Meet BA’s first resident ‘master of wine’, who reveals the secrets to choosing high-flying vintages

You probably haven’t heard of Tim Jackson, but he has one of the most important jobs in the UK travel industry – he’s in charge of the drinks selection on all British Airways flights, from economy to first class. And in the carrier’s lounges.

It means that his decisions will affect whether a holiday gets off on the right foot for millions of people. After all, for many, that first sip of wine, beer or gin and tonic at the airport or in-flight signals the official start of the getaway.

Luckily, the nation’s taste buds and its holiday vibes are in good hands, because Tim is a ‘Master of Wine’, one of only 415 worldwide.

Tim became BA’s first-ever resident master of wine last December, with his expertise rapidly bearing fruit – he chose a wine honoured with gold in the ‘Best First Class Red’ category in the Cellars In The Sky awards 2022.

The wine in question was a Teusner ‘The Riebke’ Barossa Valley Shiraz, 2019, from Australia’s Barossa Valley, which retails at around £20 to £22 a bottle.

Tim Jackson, above, is British Airways’ first-ever resident master of wine

Tim told MailOnline Travel that ‘Shiraz from the Barossa Valley gets really good intense fruit’, adding that ‘the tannins are mid-level but ripe and fine and likely to be appealing at altitude’.

You might reasonably wonder why a wine that appeals at ground level wouldn’t automatically taste delicious at 35,000ft. It’s not a given because, as Tim explains, strange things happen to taste and smell sensations mid-flight.

He also reveals how he makes sure passengers aren’t served a dud wine as a result.

He says: ‘At altitude, mainly the dryness of the cabin reduces your perception of aromas and flavours – particularly fruitiness. What that then does is, as that fruitiness comes down, all the other textural components in the structure of wines, such as acidity, the alcohol, and in red wines the tannins – the stuff that dries your gums – they become more prominent, more evident.

‘So, what I’m looking at in a wine… does it have more of the fruit component? Because at altitude, that’s going to come down a bit, and also, especially with red wines, I’m focussed on the level of the tannins and the quality of the tannins – are they course or fine? I’m looking for as fine as possible, supple – and likely to be silky and pleasant when they become more obvious.

Tim revealed that at altitude the dryness of the cabin reduces your perception of aromas and flavours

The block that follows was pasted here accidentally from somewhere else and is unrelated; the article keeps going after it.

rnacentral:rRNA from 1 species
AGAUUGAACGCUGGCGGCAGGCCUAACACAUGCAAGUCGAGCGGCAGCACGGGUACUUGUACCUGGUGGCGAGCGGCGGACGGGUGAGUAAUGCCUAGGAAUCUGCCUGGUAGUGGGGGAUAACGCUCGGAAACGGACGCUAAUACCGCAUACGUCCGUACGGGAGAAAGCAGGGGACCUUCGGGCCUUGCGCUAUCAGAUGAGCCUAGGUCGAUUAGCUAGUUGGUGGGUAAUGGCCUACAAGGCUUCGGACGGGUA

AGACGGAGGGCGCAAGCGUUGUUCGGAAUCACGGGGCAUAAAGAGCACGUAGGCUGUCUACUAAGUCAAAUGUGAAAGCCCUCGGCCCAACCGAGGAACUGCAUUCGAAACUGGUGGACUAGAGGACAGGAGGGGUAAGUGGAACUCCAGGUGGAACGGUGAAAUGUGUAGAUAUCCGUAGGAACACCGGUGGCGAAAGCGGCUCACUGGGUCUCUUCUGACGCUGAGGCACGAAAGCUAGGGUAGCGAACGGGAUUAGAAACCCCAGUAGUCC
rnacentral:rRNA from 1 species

Tim revealed that at altitude the dryness of the cabin reduces your perception of aromas and flavours


Sauvignon Blanc is one of the world’s most popular white wines and Tim put what he believes is a standard bearer for this variety on the first-class wine list – Dog Point, from the Marlborough region of New Zealand. He says: ‘Dog Point is by the same guys who founded Cloudy Bay and is one of, if not the best producers of Marlborough Sauvignon Blanc. It’s a benchmark wine and a delight to have in First.’

‘And you don’t want something that’s obviously alcoholic, because the perception of it will go up at altitude.

‘So it’s all about how much fruit you can taste.

‘I’m looking for a balance in the wine that’s likely to be balanced at altitude as well.’

BA customers can rest assured that the process for deciding what wines are served is extremely rigorous for all cabins.

Tim says: ‘We find suppliers, we go through a rigorous blind-tasting process, we assess them, get the right balance and make a selection to give a broad range of styles, or as broad as we can, and we’re aiming for the best quality that we can get into the bottle. It’s the same process for economy as it is for “turning left”.’

When we meet Tim for a chat at British Airways’ Heathrow headquarters his passion for the job is evident.

But why did he take it?

He adds: ‘BA is the flag carrier. Why wouldn’t you want to help shape what the airline is doing? What gets me out of bed in the morning is that the decisions I’m making or shaping can gently influence or hopefully improve the drinking experiences of millions of people. That’s magic.’

British Airways has announced plans for an exclusive Whispering Angel rosé bar, inviting customers to enjoy the refreshing French tipple ahead of their flight from Heathrow Terminal 5. Opening this summer, the bespoke bar will be located in the British Airways lounge near the B gates at London Heathrow Terminal 5 (Terminal 5B).

Prefer something English and fizzy? BA has you covered. Currently, an English sparkling is available on board – Digby Fine English Brut NV. From July, the airline will serve the Balfour Rosé de Noirs, grown on the Balfour Hush Heath Estate in Kent, and made only from red grapes. This lighter rosé sparkling wine is an exclusive blend for British Airways, making it only available at 35,000ft for customers in the airline’s Club World (business) cabin.

Digby Fine English Brut NV is currently being served on BA flights in business class

Digby Fine English Brut NV is currently being served on BA flights in business class

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